FIGURE 2
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Figure 2. Relative abundance of bacterial genera in the gut microbiome of individuals from the three communities studied.

FIGURE 3
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Figure 3. Box plots showing relative abundance of the two bacterial genera showing the highest correlation with the Amazon versus Rio de Janeiro sample groups. Correlation was measured using the Pattern Search tool in MicrobiomeAnalyst, with Pearson r as the distance measure.

In order to assess how the bacterial communities found in individuals from the three locations relate to each other, we constructed Venn diagrams to get insights into the OTUs that were shared among the three investigated communities or exclusively associated with each one of them (Supplementary Figure S3). Samples from all subjects studied, from the three communities, shared 893 out of the 1,096 identified OTUs, confirming that there is a large bacterial core in the human intestinal microbiota and that strong selective forces shape these bacterial communities in similar ways in populations that are distinct both geographically as well as in terms of lifestyle. This core is dominated by OTUs affiliated with Prevotella (69 OTUs and 539,780 sequences), a genus of the Ruminococcaceae family (206 OTUs and 370,915 sequences), Bacteroides (69 OTUs and 312,153 sequences), and Dialister (21 OTU and 188,757 sequences) (Supplementary Table S3a). However, some OTUs were exclusively found in one of the communities studied. Samples from the Buiuçu and the Puruzinho communities had 14 and three specific OTUs, respectively, whereas individuals from Rio de Janeiro displayed 52 specific OTUs (Supplementary Figure S3). The Buiuçu community was dominated by Treponema (1 OTU and 14,191 sequences, Supplementary Table S3b), whereas the most abundant member of the Puruzinho community is a genus of the Paraprevotellaceae family (1 OTU and 790 sequences, Supplementary Table S3c). Individuals from Rio de Janeiro were dominated by Bacteroides (1 OTU and 18,322 sequences, Supplementary Table S3d). These data show that although the level of specificity was low, a few OTUs do provide a clear distinction between the samples from Rio de Janeiro and those from individuals living in the Amazon region when numbers of community-specific OTUs are observed.

We then performed PCoA analyses on the results obtained to display beta diversity in the total bacterial communities of the individuals studied (Figure 4). The total variation found in the gut bacteriome was explained in 31.8% by the unweighted UniFrac analysis; the PC1 axis had the largest contribution, accounting for 21.6% of the variation found in the intestinal bacteriome, and axis 2 accounted for 10.2% of the discrimination. Subjects from Rio de Janeiro formed a well-defined group that could be easily distinguished from the other two groups based on the PCoA. Individuals from the Puruzinho and Buiuçu communities did not form very well-defined groups, and there was a major overlap between samples from each of these groups in our PCoA analysis (Figure 4). Statistical analysis using ANOSIM showed that the PCoA profiles were significantly different (R2 = 0.19; p < 0.001). These results were corroborated when we performed statistical analyses on comparisons of averaged relative abundances of OTUs between the three sample groups. We first tested our dataset to determine its distribution using both the D’Agostino & Pearson as well as the Shapiro-Wilk normality tests. Both tests showed that the data does not follow a normal (Gaussian) distribution (p < 0.0001 for all sample groups in both tests). We then compared OTU abundance distribution between sample groups using the Kruskal-Wallis test with multiple comparison FDR correction using the Benjamini, Krieger and Yekutiely test. Such analysis showed that OTU abundance of both Puruzinho and Buiuçu samples were significantly different from that found in samples from Rio de Janeiro (p = 0.0013 and p = 0.0014, respectively). In contrast, a comparison between OTUs found in Puruzinho and Buiuçu samples did not reveal statistically significant differences (p = 0.98). Based on these results, it is clear that the gut bacteriome of individuals from Amazon populations is highly divergent from that of subjects living in an urban environment. However, we were not able to clearly differentiate individuals from the two Amazon communities based on their gut bacteriome composition.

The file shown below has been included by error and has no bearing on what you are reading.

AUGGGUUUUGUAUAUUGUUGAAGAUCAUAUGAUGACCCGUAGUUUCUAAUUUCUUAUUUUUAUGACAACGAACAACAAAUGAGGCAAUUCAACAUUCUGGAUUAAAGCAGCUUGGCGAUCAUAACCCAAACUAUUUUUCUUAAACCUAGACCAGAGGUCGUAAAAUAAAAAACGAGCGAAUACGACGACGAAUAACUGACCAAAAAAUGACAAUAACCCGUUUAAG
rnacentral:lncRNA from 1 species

FIGURE 4
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Figure 4. Principal coordinate analysis of unweighted UniFrac distances showing beta diversity of the gut microbiome of individuals belonging to the three communities studied. Green circles represent subjects from Rio de Janeiro, red circles are subjects from Buiugu and blue represents subjects from Puruzinho. R2 and p value were calculated using ANOSIM.

After assessing the microbial composition of the intestinal tract of individuals from the three communities studied, we set out to investigate if the metabolic composition of the intestinal tract varied among these subjects. We have previously used metabolomics to study the chemical composition of murine feces and showed that thousands of small molecules are present and that the gut microbiome is a major determinant of fecal chemical composition (Antunes et al., 2011b). To assess the fecal metabolome of individuals from the three groups studied herein, we extracted small molecules from fecal samples and studied their chemical composition through DI-FTICR-MS, as previously described (Antunes et al., 2011a, b). We detected a total of 7,210 metabolite features, with 3,469 detected in the negative-ion mode and 3,741 in the positive-ion mode. We then filtered this dataset to include only metabolites that were present in at least n-1 samples (four samples in this case) of at least one of the sample groups (Puruzinho, Buiuçu and Rio de Janeiro). By doing so, we detected a total of 4,745 metabolite features, with 2,071 detected in the negative-ion mode and 2,674 in the positive-ion mode. The number of metabolite features that fulfilled this filtering criterion in each of the sample groups varied between 1,476 and 2,106, as can be seen in Table 2.